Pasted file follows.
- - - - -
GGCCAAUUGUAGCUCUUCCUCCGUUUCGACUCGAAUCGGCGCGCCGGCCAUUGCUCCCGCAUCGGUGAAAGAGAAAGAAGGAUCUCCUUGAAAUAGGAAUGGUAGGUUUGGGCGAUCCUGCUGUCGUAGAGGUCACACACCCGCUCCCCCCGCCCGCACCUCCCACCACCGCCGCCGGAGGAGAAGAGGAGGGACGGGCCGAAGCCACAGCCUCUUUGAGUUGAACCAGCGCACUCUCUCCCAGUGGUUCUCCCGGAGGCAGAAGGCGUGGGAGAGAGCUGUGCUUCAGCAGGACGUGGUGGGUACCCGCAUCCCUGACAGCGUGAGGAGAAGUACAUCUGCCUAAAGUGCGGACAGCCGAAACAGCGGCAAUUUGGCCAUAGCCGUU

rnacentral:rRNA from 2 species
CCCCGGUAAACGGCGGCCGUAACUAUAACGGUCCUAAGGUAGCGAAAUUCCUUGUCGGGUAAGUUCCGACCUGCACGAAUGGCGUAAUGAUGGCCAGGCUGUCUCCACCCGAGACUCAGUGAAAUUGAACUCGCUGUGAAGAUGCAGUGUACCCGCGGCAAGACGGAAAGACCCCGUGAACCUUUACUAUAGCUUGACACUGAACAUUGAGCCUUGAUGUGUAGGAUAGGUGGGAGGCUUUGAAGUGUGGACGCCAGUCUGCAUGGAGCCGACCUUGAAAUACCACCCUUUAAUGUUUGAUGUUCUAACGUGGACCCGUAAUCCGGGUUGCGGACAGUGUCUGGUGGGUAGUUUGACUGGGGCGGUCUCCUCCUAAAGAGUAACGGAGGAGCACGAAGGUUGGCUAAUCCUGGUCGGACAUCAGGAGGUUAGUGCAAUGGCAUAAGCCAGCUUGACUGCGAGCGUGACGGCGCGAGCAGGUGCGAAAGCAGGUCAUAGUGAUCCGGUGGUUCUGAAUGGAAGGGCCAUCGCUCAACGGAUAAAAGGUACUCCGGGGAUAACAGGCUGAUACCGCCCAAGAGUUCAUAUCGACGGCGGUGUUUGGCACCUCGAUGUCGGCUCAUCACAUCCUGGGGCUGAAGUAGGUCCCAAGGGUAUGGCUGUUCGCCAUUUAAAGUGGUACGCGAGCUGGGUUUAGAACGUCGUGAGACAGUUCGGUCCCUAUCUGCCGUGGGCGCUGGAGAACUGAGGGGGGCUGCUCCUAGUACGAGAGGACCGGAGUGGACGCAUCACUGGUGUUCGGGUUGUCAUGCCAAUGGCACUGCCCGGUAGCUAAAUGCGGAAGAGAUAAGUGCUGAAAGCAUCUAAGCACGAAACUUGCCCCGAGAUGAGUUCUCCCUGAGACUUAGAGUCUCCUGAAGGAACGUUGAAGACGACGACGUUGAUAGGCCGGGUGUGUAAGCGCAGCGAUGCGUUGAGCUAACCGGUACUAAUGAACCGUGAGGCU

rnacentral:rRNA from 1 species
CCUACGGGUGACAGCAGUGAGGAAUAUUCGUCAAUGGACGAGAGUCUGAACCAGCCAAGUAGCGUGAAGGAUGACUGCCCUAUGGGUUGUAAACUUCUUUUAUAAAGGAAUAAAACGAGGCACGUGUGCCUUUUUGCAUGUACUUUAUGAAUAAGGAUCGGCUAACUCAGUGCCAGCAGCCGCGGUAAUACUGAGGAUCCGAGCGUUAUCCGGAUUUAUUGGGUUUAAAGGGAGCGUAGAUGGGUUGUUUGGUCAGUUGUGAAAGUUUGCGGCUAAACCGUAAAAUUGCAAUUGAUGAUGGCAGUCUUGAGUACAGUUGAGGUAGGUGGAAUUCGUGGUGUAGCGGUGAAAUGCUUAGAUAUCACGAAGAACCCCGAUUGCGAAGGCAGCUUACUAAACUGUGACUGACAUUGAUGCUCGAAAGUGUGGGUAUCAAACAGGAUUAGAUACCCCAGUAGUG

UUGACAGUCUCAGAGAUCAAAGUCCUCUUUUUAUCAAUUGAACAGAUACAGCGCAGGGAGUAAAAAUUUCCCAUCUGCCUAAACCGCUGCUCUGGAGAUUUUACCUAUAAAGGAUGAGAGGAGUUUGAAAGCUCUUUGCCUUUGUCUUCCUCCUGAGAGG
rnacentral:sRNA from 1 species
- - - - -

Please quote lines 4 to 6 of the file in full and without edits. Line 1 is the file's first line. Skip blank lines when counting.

rnacentral:rRNA from 1 species
CCUACGGGUGACAGCAGUGAGGAAUAUUCGUCAAUGGACGAGAGUCUGAACCAGCCAAGUAGCGUGAAGGAUGACUGCCCUAUGGGUUGUAAACUUCUUUUAUAAAGGAAUAAAACGAGGCACGUGUGCCUUUUUGCAUGUACUUUAUGAAUAAGGAUCGGCUAACUCAGUGCCAGCAGCCGCGGUAAUACUGAGGAUCCGAGCGUUAUCCGGAUUUAUUGGGUUUAAAGGGAGCGUAGAUGGGUUGUUUGGUCAGUUGUGAAAGUUUGCGGCUAAACCGUAAAAUUGCAAUUGAUGAUGGCAGUCUUGAGUACAGUUGAGGUAGGUGGAAUUCGUGGUGUAGCGGUGAAAUGCUUAGAUAUCACGAAGAACCCCGAUUGCGAAGGCAGCUUACUAAACUGUGACUGACAUUGAUGCUCGAAAGUGUGGGUAUCAAACAGGAUUAGAUACCCCAGUAGUG

UUGACAGUCUCAGAGAUCAAAGUCCUCUUUUUAUCAAUUGAACAGAUACAGCGCAGGGAGUAAAAAUUUCCCAUCUGCCUAAACCGCUGCUCUGGAGAUUUUACCUAUAAAGGAUGAGAGGAGUUUGAAAGCUCUUUGCCUUUGUCUUCCUCCUGAGAGG